Rasamanickam believes that anger over the forced cremations and the government’s proposal to impose a burqa ban on Muslim women has provoked the world community “to go against Sri Lanka.”
“This should be an eye-opener for Sri Lanka to mend its ways and stop harassing minorities,” he told Arab News.
The UN vote was 22 in favor, with 11 against it, including China and Pakistan. India and 13 other countries abstained from taking part in the process.
In comments to reporters soon after the vote, Sri Lanka’s Foreign Minister Dinesh Gunawardena said that the government “would not give in to the unfair pressure” brought by the UNHRC resolution and would “continue to conduct a domestic probe into allegations of human rights violations” in Sri Lanka.
Rights groups and activists, however, welcomed the UN’s initiative.
“The UN’s decision to collect evidence of crimes during the war gives us relief that future harassments will not happen and that UN interference will keep the government under check,” Yardson Figurado, a human rights activist from the Mannar Social and Economic Development Organization, told Arab News on Sunday.
However, he was quick to add a caveat: India should have voted too, especially since it has “eight crores (80 million) Tamils” living in its territory.
In 1991, nearly a decade after the civil war had begun, an LTTE suicide bomber assassinated then Indian Prime Minister Rajiv Gandhi in an apparent act of revenge for sending Indian peacekeeping troops to fight against the rebels.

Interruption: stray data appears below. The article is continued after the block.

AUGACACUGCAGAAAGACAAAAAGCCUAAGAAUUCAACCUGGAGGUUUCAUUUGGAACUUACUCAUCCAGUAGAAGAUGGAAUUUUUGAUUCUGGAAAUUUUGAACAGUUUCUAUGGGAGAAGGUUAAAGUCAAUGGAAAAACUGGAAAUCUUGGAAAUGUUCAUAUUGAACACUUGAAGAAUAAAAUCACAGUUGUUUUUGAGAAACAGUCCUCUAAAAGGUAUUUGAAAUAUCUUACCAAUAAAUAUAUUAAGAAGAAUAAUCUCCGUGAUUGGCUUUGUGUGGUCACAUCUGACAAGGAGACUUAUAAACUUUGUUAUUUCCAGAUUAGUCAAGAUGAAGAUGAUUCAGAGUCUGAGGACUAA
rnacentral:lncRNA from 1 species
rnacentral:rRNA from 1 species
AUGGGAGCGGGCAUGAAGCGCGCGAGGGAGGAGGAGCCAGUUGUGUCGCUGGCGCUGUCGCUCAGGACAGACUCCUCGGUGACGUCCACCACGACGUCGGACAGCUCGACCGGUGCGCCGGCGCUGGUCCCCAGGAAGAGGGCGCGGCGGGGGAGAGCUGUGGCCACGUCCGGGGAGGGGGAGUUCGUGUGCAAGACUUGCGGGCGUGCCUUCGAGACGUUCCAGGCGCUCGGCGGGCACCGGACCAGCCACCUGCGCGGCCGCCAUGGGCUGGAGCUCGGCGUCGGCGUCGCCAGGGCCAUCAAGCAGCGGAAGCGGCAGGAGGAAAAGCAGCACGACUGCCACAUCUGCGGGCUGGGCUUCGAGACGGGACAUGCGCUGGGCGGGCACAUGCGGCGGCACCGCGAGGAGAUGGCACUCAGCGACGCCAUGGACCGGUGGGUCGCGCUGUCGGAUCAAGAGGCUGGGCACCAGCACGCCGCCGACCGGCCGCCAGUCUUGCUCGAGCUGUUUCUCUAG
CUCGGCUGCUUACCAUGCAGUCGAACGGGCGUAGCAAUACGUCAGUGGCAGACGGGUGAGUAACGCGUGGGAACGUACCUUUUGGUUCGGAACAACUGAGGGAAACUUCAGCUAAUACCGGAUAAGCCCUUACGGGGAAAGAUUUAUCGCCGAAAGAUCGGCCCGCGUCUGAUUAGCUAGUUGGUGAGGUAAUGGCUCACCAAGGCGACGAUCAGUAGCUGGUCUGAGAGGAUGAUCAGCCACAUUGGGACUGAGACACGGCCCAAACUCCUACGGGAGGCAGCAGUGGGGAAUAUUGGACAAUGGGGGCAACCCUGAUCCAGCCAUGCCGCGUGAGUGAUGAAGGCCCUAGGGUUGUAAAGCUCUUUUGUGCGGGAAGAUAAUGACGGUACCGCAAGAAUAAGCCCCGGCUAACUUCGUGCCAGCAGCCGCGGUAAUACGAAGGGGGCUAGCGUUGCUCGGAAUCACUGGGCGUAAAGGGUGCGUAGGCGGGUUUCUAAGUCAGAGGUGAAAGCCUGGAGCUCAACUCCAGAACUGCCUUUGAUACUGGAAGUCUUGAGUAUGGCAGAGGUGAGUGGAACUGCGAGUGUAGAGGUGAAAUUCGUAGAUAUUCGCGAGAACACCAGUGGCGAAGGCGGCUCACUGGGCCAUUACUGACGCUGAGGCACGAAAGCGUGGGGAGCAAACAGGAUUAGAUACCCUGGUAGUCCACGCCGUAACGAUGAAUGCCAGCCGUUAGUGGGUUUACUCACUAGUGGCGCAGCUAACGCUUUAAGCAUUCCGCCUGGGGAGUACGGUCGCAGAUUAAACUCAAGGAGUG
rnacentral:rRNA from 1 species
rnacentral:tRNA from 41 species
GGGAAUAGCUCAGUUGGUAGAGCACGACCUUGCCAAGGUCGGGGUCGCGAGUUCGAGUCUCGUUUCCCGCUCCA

Figurado said he was “thoroughly disappointed that India abstained from voting,” considering its large Tamil population.
He added that Sri Lankan Tamils had treated India as “their partner in distress, but it has let them down badly with this move.”
Meanwhile, senior journalist and political analyst Ameen Izzadeen believes that Sri Lanka’s image on the international stage had been “tarnished” by the UN’s move.
“Sri Lanka understands the consequences of non-compliance even though the resolution is non-binding,” he said Sunday.
“Some Western powers and their allies may impose targeted sanctions. Sri Lanka is counting heavily on China and Russia to overcome the challenge. Since geopolitics are also involved, it may get some space to manoeuvre its way out of the crisis,” he added.
Dr. Dayan Jayatilake, Sri Lanka’s former representative to the UN, agreed, adding: “It is up to the Sri Lankan government to cooperate with the UNHRC and face its consequences.
“If the government takes a tough line against the resolution, it may have to bear the brunt of the actions taken by some UN member countries,” he said on Sunday.
According to sources who requested anonymity as they were not authorized to speak to the media, the resolution is unlikely to have an immediate impact on Sri Lanka but “could affect trade with some countries and impose travel restrictions on some officials” in the long run.
Still, it offers little respite to families of war victims. For Udayachandra, it means an eternal wait.
“We do not know how much the UN move will help us find our dear ones who are still missing after so many years. We do not know when that wait will be over.”